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August 2012

Living the metabolism miracle

We conclude our coverage of Diane Kress' "Miracle" trilogy with this piece in HND. Diane's work lays out how people with Metabolic Syndrome can reclaim their health, with little if any pharmaceutical assistance.

This, of course, comes as bad news to the American Diabetes Association, which seems to be in the business of creating more insulin-dependent diabetics.

No doubt about it. The ADA is the absolute worst of the disease trade associations, bar none. Why do I say this? Simple. Although many other disease trade associations dispense dubious advice, and have been co-opted by Big Pharma and creaky old allopathic acute care medical approaches for years, at least the bad advice they give takes a long time to manifest itself in poor health outcomes. Thus, the unwise counsel is hidden, and can be argued away in that the resulting morbidity is just a function of "old age."

However, if a person follows what the ADA recommends (high carb/low fat diet), he will see increases in his blood glucose—not to mention worsening of other blood chemistry—from the very first day. As such, a much more elaborate big lie scheme must be put in place, concluding with this gem from the ADA website:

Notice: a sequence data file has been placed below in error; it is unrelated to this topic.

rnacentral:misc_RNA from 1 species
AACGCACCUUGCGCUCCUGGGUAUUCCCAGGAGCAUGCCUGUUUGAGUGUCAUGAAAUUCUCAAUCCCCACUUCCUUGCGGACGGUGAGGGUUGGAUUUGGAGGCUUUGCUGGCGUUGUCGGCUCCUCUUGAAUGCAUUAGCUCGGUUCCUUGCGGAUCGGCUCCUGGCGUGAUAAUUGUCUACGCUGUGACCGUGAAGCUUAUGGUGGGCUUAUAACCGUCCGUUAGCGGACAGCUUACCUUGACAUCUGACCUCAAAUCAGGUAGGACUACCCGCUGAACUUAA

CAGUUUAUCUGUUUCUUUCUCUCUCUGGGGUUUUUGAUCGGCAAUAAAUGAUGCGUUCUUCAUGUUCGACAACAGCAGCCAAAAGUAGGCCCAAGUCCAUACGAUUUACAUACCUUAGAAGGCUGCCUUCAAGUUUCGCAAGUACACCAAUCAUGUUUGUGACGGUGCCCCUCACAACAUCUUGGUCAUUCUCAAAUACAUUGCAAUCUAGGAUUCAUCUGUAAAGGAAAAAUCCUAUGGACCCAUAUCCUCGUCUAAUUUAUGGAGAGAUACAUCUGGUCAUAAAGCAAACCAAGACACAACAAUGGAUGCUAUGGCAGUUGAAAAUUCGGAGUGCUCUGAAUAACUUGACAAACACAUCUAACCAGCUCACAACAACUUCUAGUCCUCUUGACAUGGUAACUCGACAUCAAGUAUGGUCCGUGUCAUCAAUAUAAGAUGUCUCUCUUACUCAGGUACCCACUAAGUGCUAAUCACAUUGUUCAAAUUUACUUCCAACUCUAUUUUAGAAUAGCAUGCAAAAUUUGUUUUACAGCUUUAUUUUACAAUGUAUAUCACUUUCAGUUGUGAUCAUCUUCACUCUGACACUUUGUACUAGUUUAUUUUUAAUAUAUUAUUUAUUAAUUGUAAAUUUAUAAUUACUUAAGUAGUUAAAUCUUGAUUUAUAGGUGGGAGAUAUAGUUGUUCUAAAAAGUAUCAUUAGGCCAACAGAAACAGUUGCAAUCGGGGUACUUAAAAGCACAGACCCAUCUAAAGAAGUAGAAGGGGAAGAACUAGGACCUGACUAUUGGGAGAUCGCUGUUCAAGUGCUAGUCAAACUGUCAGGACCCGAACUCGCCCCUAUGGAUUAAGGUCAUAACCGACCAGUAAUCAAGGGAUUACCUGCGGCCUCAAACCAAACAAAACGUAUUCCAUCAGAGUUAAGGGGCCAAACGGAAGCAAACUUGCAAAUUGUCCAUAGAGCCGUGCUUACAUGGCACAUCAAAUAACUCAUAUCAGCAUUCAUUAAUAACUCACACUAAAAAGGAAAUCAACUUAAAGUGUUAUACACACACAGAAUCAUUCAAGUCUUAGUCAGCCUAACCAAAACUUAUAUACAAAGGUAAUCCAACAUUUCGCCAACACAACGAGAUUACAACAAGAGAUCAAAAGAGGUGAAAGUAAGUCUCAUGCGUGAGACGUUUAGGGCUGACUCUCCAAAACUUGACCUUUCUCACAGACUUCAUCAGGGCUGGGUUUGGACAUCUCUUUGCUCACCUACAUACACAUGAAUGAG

Taking insulin means you've 'failed'

"This is a big myth," says Jill Crandall, MD, professor of clinical medicine and director of the diabetes clinical trial unit at the Albert Einstein College of Medicine, in the Bronx, N.Y. "Many people who try very hard to adhere to a diet, exercise, and lose weight will still need insulin."

The fact is that type 2 diabetes is a progressive illness, meaning that over time you may need to change what you do to make sure your blood sugar is in a healthy range. Eating right and exercise will always be important, but medication needs can vary.

"A large percentage of people with type 2 diabetes will ultimately need insulin, and we don't see it as a failure," she says.


Indeed! You the patient have not failed. The ADA has failed in that they gave you bad advice from the start!

But, getting back to the positive, Diane Kress is the real deal. Read the complete article, as well as the earlier one.